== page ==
October 22, 2011

THE BIJOU: Boxoffice Footnotes – 10/21/11


PARANORMAL ACTIVITY 3 continues Paramount’s license to print money–it’ll soon be in profit even with worldwide marketing costs calculated in.  Yesterday will probably prove to be by far the biggest day of its front-loaded run, but at those prices, who cares?
Sometimes it’s not about the marketing–it’s about the movie.  It would be difficult, if not impossible, to find 30 seconds of the godawful THREE MUSKETEERS remake that could be cut into a promo that would make anyone want to see it.  The movie reportedly cost $90M, and even though Summit seems not to be on the hook for much of the production cost, they won’t even recoup their prints and marketing expenses.  The best thing about this is that it should mean the sequel threatened in the final scene won’t actually be made.

If not for relationship issues, Universal would probably have let JOHNNY ENGLISH REBORN slip quietly to direct-to-homevideo in the US, since there was already plenty of evidence that Rowan Atkinson has no boxoffice appeal on American soil.  As it is, they gave it a stealth opening in only 1500 theatres and with little marketing behind it.  Now that it’s over, they’ll continue to pour cash into TOWER HEIST, opening in 2 weeks.
With the exception of horror movies THE THING and DREAM HOUSE, there was no competition for any of the holdovers, and they all did very well, with 20-30% weekend drops.  (Well, all but THE BIG YEAR, which continued to be a movie no one wanted to see.)  The free ride for the family movies, however, ends this week with Friday’s arrival of PUSS IN BOOTS.
There was no audience for the G-rated sports movie THE MIGHTY MACS, which will be lucky to hit a $1K average in almost 1000 theatres.  Emilio Estevez’s spiritual-themed THE WAY almost tripled its count and did passably, with about $1750 in each of 280 theatres.
Two excellent indies made their debuts this weekend with very different release strategies.  MARGIN CALL opened at a surprisingly wide 56 theatres, and is also available on VOD, meaning its theatrical numbers are only part of the picture (studios don’t release their VOD figures).  Despite that, it’s headed for a very impressive $10K per theatre, which puts it on track to be one of the relatively few VOD titles to also exceed $1M in theatre revenues.  Meanwhile, Fox Searchlight gave MARTHA MARCY MAY MARLENE a more conventional showcase opening in NY/LA only, and is headed for a superb $35K in each of its 4 theatres.  That’s roughly the same per-screen as THE SKIN I LIVE IN had last week in 6, but as often happens, when that film expanded this weekend to 21 houses, its per-theatre number went down to a still-good $11K.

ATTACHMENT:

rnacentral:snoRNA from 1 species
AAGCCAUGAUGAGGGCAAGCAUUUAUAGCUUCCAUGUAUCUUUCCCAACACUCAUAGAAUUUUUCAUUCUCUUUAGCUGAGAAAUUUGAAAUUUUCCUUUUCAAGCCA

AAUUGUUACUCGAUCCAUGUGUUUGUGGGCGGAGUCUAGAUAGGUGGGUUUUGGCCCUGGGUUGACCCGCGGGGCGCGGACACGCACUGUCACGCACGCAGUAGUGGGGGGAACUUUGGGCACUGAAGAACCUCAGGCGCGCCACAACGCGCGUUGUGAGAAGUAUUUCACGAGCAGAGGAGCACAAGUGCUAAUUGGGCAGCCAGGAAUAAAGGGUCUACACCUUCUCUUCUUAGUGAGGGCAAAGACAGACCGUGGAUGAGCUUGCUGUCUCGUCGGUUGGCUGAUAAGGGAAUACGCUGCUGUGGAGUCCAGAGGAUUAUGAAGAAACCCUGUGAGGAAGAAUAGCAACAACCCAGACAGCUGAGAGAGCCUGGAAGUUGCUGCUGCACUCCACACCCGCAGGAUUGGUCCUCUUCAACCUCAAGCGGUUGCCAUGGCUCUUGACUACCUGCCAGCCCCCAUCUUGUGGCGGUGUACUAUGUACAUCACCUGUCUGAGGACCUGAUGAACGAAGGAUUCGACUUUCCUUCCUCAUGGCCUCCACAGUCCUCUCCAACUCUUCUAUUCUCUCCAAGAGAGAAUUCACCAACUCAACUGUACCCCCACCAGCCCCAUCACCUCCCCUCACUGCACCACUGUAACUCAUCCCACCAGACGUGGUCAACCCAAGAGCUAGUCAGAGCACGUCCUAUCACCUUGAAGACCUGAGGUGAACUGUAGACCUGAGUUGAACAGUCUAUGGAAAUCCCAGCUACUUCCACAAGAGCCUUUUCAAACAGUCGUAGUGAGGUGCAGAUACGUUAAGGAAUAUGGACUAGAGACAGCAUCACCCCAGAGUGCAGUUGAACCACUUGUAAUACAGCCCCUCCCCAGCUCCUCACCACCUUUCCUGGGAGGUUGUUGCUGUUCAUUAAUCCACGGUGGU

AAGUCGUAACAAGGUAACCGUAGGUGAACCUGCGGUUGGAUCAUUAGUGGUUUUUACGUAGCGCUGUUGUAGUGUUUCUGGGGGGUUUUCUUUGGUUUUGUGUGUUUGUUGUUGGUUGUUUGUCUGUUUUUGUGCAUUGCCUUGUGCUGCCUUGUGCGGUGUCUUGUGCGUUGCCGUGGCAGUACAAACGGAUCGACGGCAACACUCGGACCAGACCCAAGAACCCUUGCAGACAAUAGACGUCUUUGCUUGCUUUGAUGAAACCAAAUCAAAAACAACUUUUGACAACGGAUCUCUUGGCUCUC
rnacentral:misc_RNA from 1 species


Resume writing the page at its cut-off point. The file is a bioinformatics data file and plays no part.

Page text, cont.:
Halloween weekend is a soft one for teen business, due to all the social events the holiday brings with it, and consequently the only major opening on Friday is DreamWorks’ Puss In Boots for the kiddies.  Fox’s IN TIME features a host of young actors who are trying to prove they can carry an action movie (Justin Timberlake, Amanda Seyfried, Olivia Wilde), and the studio is putting some marketing cash behind it.  RUM DIARY is getting a wide opening, but it’s more like the kind of indie Johnny Depp used to make in his pre-Captain Jack Sparrow days.  Also, Sony will open the Shakespeare-themed ANONYMOUS in around 250 theatres, having backed off their wacky initial notion of opening it wide.
One final note:  whether for ego, relationship or contractual minimum guarantee reasons, Universal has been utterly determined to get COWBOYS & ALIENS to the $100M mark, leaving it in hundreds of theatres long after much bigger hits have gone away.  Well, mission accomplished!  The picture has scratched its way to the goal, so everyone associated with the movie can be very proud.

About the Author

Mitch Salem
MITCH SALEM has worked on the business side of the entertainment industry for 20 years, as a senior business affairs executive and attorney for such companies as NBC, ABC, USA, Syfy, Bravo, and BermanBraun Productions, and before that, at the NY law firm of Weil, Gotshal & Manges. During all that, he has more or less constantly been going to the movies and watching TV, and writing about both since the 1980s. His film reviews also currently appear on and In addition, he is co-writer of an episode of the television series "Felicity."